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Basically I want an ARGV like usage on the PXE command line, but I can't see any documentation to do this.

basically I want to pass something like

scientific-linux-6 HOSTNAME VLAN

then in %pre hit some APIs to get the networking info I need to append it to the KS config. This part is easy, if I have the parameters.

Finally in %post I want to kick off a chef run and boot strap to chef server. This also needs to know hostname / domain name ( basically have hostname -f not blow up ), but this shouldn't be too bad if I can complete the above. Sadly, this was my original goal, but then it failed when I realized I didn't have the hostname set yet.

Here is what I have learned so far.

$ cat linux-install/msgs/param.msg 



                        09Kernel Parameter Help07

Some kernel parameters can be specified on the command line and will be
passed to the running kernel.  This does not include options to modules
such as ethernet cards or devices such as CD-ROM drives.

To pass an option to the kernel, use the following format:
     0flinux <options>07
If a different installation mode is desired, enter it after the option(s).

For example, to install on a system with 128MB of RAM using expert mode, 
type the following:
     0flinux mem=128M expert07

To pass options to modules, you will need to use the expert mode to disable
PCI autoprobing.  When the installation asks for your device type that needs
an option or parameter passed to it, there will be a place to type those
in at that time. 

Sweet!? So that means on PXE I can go like...

scientific-linux-6 linux ARGV_APPEND

Right?

Then getting things into %pre and %post I found This presentation and a few other mentions

Stick this at the top of the %pre section, and it will take anything of the form var=value
from /proc/cmdline and turn it into a variable you can use directly

set -- `cat /proc/cmdline`

for I in $*; do case "$I" in *=*) eval $I;; esac; done

So that means I can say

scientific-linux-6 linux HOSTNAME=foo.example.com, VLAN=ddd

Right?

Then in %pre That means I can

Hit my API to get IP, mask, gateway and then change network to something like

network --bootproto=static --ip=10.0.2.15 --netmask=255.255.255.0
 --gateway=10.0.2.254 --nameserver=10.0.2.1

As described Here

Then that sets up us in %post for our chef-client run.

My question is. Does it sound like this will work? Is there a better way? Surely someone else has done this before?

Update ( Solution implemented based on answer )

On the PXE command line I ended up passing options

$ hotbox linux prefix_varname="foo" prefix_another_var="bar"

( everything after linux is put on /proc/cmdline . hotbox was the PXE label. ) Then in %post I parsed /proc/cmdline (in Ruby) looking for all the variables that matched /prefix_*/ and turned them into a hash. This lead to passing it off the chef for further configuration based on the results of a web request.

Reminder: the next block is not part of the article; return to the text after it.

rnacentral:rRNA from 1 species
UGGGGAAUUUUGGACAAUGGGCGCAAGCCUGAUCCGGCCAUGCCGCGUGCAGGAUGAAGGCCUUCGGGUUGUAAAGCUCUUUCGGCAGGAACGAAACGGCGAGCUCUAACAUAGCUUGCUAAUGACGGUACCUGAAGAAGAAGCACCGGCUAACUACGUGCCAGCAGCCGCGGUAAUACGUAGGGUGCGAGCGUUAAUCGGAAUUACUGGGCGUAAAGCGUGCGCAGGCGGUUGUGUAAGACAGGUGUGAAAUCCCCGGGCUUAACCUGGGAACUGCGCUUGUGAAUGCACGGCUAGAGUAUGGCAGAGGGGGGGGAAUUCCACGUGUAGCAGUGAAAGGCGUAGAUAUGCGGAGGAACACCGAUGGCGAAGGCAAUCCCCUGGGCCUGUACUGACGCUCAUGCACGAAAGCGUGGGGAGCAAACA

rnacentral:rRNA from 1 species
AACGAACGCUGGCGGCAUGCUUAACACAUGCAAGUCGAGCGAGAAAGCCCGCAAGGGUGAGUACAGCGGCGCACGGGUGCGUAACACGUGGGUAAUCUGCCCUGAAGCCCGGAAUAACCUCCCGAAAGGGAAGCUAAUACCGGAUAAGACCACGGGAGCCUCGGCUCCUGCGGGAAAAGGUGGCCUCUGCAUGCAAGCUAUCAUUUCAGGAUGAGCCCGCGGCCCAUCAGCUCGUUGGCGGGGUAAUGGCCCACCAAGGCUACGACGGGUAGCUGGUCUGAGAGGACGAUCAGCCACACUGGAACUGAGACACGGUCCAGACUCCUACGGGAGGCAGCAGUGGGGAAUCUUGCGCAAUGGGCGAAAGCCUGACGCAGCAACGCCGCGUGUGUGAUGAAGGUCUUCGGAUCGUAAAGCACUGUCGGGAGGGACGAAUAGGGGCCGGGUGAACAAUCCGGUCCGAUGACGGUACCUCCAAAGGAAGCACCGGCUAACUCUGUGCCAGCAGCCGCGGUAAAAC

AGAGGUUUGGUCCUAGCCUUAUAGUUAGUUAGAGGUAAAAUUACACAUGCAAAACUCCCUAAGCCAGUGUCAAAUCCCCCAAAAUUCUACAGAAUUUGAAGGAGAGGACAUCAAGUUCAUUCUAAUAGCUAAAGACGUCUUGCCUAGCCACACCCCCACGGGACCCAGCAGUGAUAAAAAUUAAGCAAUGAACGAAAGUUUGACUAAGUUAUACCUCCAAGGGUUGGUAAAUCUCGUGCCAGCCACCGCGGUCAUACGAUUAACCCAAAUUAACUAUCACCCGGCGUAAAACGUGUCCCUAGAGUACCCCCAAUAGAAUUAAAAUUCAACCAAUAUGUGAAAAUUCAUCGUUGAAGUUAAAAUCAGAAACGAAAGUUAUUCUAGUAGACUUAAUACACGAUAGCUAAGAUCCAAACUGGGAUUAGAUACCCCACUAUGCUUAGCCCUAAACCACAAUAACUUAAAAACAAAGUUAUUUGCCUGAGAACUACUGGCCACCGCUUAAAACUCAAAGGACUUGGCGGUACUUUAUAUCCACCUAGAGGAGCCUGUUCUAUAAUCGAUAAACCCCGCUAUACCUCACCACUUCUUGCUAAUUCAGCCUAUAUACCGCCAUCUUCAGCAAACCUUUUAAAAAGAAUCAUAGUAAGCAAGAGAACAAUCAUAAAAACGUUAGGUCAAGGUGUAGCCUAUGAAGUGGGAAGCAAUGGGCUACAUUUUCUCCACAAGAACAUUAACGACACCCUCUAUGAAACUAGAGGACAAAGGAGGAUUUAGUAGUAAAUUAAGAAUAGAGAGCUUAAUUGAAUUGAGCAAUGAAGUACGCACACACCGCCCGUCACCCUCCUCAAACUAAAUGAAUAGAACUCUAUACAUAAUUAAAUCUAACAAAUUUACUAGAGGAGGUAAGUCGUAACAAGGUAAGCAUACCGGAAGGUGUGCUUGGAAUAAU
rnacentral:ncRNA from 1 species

Note: Razor wasn't around when I did all this. I personally wasn't satisfied with razor, and we are still using more or less the above method.

share|improve this question
    
as @amcnabb points out, DHCP is great, but this is specifically for dedicated gear and bootstrapping it easily as possible. –  EnabrenTane Mar 23 '12 at 7:37

2 Answers 2

up vote 1 down vote accepted

With simple boolean options, I've done a grep in /proc/cmdline, which is very easy. For key-value options, the set trick seems handy, though I haven't tried it. Specific answers to your questions:

1) Yes, it sounds like this will work. I've done very similar things with kickstart and /proc/cmdline.

2) No, I don't believe there is any better way. The kernel exposes its command line options in /proc/cmdline, and kickstart doesn't provide any high-level mechanisms for dealing with kernel command line options.

3) Yes, this has been done before. Try it out, and come back if you can't make it work.

A few additional thoughts:

1) Don't put a comma between the command-line options (just separate them with spaces).

2) With pxelinux, it can be helpful to use an append line. For example:

append initrd=f16-x86_64/initrd.img ks=nfs:server.example.com:/path/to/f16.ks mycustomflag mykey=myval

3) Network settings (like the hostname example you gave) are often better served by DHCP.

share|improve this answer
    
I like DHCP as well. Unfortunately this is for a hosting company and some times we host dedicated gear that DNS points to. –  EnabrenTane Mar 23 '12 at 7:36
    
@EnabrenTane, have you had a chance to try it yet? I'm curious whether you encountered any problems. –  amcnabb Mar 24 '12 at 14:26
    
Got it working with only a little bit of grief. Wrote my own /proc/cmdline parser instead of the above bash one. And somethings, like in my case RVM (ruby version manager) won't install because it needs /dev/fd/62 –  EnabrenTane Mar 30 '12 at 16:50

I was able to get it working using the following commands to parse all of the key value pairs into variables:

# Get the kernel parameters
params=`cat /proc/cmdline`
# Split them on spaces
params_split=(${params// / })
# Go through each of them
for p in "${params_split[@]}"; do
  # And if it's a key value pair
  if [[ $p =~ "=" ]]; then
    # And if the key doesn't have a period in it
    p_split=(${p//=/ })
    if [[ !($p_split[0] =~ ".") ]]; then
      # Then set the key to the value
      eval $p;
    fi;
  fi
done
share|improve this answer
    
Yep, this is more or less what I did. let me update the question with my findings. –  EnabrenTane Apr 25 '13 at 23:02

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